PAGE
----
• Bring your reusable water bottle and express your personal style, Fill it with Guelph’s awesome water, and Drink. No bottle? No problem! You can always Drink our awesome water from a water fountain. Find your closest options by using the Blue W map.

Waste reduction at work

  • Use both sides of paper and re-use envelopes and scrap paper.
  • Familiarize staff with the proper operation of office equipment to eliminate waste through misuse.
  • Purchase supplies in bulk quantities if appropriate to reduce packaging waste.
  • Centrally post or e-mail memos and documents as opposed to providing individual copies.
  • Institute an office policy to purchase products containing recycled content whenever there is an option.
  • Educate staff and reinforce on an ongoing basis about company waste reduction policies and programs.
  • Consider acquiring a vermicomposter to eliminate small quantities of food waste in eating or food preparation areas – depending on the level of interest and commitment to the proper care and maintenance of a vermicomposter, this option may or may not be ideal for each situation.
  • Try to purchase products in re-usable or recyclable containers.
  • Set up a recycling program.
  • Stay hydrated with Guelph’s amazing tap water. Keeping a nice glass on your desk or a reusable bottle with you will help. When on the road, find our water at a Blue W location.
  • Guelph loves it’s tap water. Be a community business by enjoying our delicious, crystal clear and safe tap water and encourage your employees to do the same. Become a Blue W location

Single-use products

The City’s approach to single-use products and packaging is focussed on reducing use and proper disposal.

Guelph is and has always been a strong advocate of the three Rs: reduce, reuse, recycle.

These Rs are listed in order of benefit. The best way to cut back on any waste, plastic or otherwise, is by reducing your use:

  • Bring your own bags, boxes, bins and baskets when shopping for groceries.
  • Carry one, small reusable bag with you whenever you go out for those times you just happen to pick something up; some reusable bags pack up small to easily fit in your pocket or hang on your key chain.
  • Tell your servers you don’t want straws or stir sticks.
  • Carry your own reusable straws; there are straws available that pack up into a case you can carry on your keychain.
  • Join the “I love Guelph Tap Water” club and wherever you go Bring a re-usable water bottle, Fill it with our incredible water, and Drink up to stay hydrated.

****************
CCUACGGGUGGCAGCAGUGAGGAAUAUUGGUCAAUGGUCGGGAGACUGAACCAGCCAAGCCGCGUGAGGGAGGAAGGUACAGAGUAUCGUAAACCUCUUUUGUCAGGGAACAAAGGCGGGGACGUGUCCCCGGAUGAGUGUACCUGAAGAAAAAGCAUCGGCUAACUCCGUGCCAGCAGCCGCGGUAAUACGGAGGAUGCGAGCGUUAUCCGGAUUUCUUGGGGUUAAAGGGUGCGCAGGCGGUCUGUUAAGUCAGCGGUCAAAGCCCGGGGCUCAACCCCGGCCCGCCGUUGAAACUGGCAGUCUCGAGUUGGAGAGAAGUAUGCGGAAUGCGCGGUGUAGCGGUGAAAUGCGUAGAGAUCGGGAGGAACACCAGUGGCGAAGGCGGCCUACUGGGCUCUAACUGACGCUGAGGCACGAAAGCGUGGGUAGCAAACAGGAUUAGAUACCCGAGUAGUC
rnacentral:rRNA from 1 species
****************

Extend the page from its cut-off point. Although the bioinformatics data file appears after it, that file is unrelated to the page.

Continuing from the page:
• Access Guelph’s water at a Blue W location. Bottles aren’t required.

The second best option for reducing waste is reusing whatever you can: single–use plastic bags don’t have to be single use;

  • If you’ve got them, keep some plastic bags in the car for those unexpected shopping trips, or pop one in your carry bag or purse.
  • Reuse plastic bags to pack lunches—you can reuse these more than once.
  • Plastic bags make great wet clothing or dirty laundry carriers; bring them when you travel, go for a swim, camp or hike—just a few examples.
  • Carry a reusable water bottle; leave an extra one in your car or bag.

The last R—recycle—isn’t an option at the City’s recycling facility when it comes to plastic bags, but many other places including the Guelph Food Bank,  the Guelph Humane Society and some grocery stores, will take them from you for reuse, recycling or proper disposal.

The City ran a plastic bag recycling pilot in 2017. The program was discontinued because of very low use and operational challenges. These plastics tend to get caught in or wrap around equipment which causes damage, halts work and lowers our recyclable processing efficiency.

What we’re doing to reduce single-use products and packaging in our community

We know that reducing single-use products and packaging, plastic or otherwise, is an important part of making our community more environmentally friendly, and that the City has a role to play in that too. Here’s where we’re focusing our efforts on this issue:

  1. We’ll continue to educate the community about the importance of waste reduction and proper disposal, with a focus on reducing waste first, including single-use plastics like bags and straws.
  2. We’re updating our Solid Waste Management Master Plan in 2019. One of the key issues we’ll be looking at is single-use products and packaging including plastic bags and straws.
  3. We’re working with other municipalities to make sure the people who make waste—plastic or other—are also responsible for managing it. Full producer responsibility would mean the manufacturers and commercial users of plastics and other waste or recyclables are also responsible for collection, recycling and disposal of those items, including costs.

The Municipal Resource Recovery and Research Collaborative, which includes Guelph, is also supporting a National Zero Plastic Waste strategy to reduce single-use plastic products and packaging.